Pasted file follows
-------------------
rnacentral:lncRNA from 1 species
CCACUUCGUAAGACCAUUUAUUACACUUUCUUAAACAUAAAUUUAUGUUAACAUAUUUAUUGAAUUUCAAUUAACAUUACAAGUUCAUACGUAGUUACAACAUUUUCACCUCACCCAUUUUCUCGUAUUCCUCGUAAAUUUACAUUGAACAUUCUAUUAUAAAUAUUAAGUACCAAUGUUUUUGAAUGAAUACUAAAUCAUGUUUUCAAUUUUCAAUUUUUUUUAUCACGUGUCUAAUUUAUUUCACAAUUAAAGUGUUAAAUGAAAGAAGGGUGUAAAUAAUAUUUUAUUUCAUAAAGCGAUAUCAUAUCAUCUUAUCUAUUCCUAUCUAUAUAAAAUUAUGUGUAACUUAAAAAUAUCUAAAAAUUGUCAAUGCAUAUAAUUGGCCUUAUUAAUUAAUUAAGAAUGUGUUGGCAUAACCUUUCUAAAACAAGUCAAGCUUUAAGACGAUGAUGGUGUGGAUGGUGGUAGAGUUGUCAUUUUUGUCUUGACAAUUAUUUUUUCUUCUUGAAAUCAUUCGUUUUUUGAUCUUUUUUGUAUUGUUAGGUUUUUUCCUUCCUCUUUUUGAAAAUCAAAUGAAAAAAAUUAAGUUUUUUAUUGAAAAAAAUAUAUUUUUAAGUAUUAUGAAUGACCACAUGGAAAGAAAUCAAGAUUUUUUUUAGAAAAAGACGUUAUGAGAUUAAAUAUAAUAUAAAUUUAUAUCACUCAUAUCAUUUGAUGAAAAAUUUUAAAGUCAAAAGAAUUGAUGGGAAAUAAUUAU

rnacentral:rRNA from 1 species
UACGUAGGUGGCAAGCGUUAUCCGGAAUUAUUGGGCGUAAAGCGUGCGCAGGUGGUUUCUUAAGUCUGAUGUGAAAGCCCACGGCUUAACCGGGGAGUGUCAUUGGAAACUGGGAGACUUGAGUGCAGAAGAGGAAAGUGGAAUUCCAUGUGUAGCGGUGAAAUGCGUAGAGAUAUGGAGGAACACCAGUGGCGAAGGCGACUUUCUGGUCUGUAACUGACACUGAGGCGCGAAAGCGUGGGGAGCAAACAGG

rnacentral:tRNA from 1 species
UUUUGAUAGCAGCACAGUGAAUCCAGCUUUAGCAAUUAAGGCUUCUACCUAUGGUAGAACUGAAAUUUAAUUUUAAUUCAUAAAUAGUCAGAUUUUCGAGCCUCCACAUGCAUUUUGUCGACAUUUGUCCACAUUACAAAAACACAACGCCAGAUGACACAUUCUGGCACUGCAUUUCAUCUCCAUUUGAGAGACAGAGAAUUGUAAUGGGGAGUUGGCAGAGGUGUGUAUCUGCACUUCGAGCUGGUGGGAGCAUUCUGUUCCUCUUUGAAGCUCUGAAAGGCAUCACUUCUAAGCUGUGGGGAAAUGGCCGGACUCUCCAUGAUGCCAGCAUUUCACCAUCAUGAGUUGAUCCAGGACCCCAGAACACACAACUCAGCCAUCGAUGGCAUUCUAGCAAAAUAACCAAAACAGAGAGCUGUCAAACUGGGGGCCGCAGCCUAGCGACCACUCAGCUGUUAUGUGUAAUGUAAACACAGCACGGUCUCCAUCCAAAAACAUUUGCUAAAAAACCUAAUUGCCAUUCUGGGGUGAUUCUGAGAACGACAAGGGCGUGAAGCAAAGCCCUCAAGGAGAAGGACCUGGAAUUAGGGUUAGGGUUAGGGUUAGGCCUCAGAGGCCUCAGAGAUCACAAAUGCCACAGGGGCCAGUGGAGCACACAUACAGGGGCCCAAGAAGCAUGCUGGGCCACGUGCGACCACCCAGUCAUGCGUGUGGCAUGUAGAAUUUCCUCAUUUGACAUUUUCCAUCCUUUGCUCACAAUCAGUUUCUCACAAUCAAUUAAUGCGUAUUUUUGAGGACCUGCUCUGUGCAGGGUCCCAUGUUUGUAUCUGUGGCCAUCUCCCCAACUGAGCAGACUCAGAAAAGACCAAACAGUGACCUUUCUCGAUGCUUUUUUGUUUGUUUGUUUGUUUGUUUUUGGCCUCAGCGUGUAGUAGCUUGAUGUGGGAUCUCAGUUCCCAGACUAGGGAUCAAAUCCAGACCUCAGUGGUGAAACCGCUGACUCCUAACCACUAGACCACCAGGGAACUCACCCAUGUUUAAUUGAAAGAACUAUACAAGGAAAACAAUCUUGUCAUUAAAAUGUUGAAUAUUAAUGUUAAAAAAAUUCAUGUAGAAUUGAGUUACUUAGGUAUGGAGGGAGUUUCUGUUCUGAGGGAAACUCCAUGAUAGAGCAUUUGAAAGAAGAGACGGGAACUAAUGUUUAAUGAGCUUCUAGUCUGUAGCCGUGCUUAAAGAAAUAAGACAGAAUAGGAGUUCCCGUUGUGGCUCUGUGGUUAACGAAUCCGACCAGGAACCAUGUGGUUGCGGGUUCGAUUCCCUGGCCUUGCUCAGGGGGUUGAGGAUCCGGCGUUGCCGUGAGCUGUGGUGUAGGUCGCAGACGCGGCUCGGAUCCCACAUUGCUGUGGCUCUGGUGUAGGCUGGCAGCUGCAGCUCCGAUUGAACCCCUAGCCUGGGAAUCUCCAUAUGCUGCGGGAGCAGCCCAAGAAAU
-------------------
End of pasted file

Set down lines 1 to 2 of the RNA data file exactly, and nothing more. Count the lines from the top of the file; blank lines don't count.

rnacentral:lncRNA from 1 species
CCACUUCGUAAGACCAUUUAUUACACUUUCUUAAACAUAAAUUUAUGUUAACAUAUUUAUUGAAUUUCAAUUAACAUUACAAGUUCAUACGUAGUUACAACAUUUUCACCUCACCCAUUUUCUCGUAUUCCUCGUAAAUUUACAUUGAACAUUCUAUUAUAAAUAUUAAGUACCAAUGUUUUUGAAUGAAUACUAAAUCAUGUUUUCAAUUUUCAAUUUUUUUUAUCACGUGUCUAAUUUAUUUCACAAUUAAAGUGUUAAAUGAAAGAAGGGUGUAAAUAAUAUUUUAUUUCAUAAAGCGAUAUCAUAUCAUCUUAUCUAUUCCUAUCUAUAUAAAAUUAUGUGUAACUUAAAAAUAUCUAAAAAUUGUCAAUGCAUAUAAUUGGCCUUAUUAAUUAAUUAAGAAUGUGUUGGCAUAACCUUUCUAAAACAAGUCAAGCUUUAAGACGAUGAUGGUGUGGAUGGUGGUAGAGUUGUCAUUUUUGUCUUGACAAUUAUUUUUUCUUCUUGAAAUCAUUCGUUUUUUGAUCUUUUUUGUAUUGUUAGGUUUUUUCCUUCCUCUUUUUGAAAAUCAAAUGAAAAAAAUUAAGUUUUUUAUUGAAAAAAAUAUAUUUUUAAGUAUUAUGAAUGACCACAUGGAAAGAAAUCAAGAUUUUUUUUAGAAAAAGACGUUAUGAGAUUAAAUAUAAUAUAAAUUUAUAUCACUCAUAUCAUUUGAUGAAAAAUUUUAAAGUCAAAAGAAUUGAUGGGAAAUAAUUAU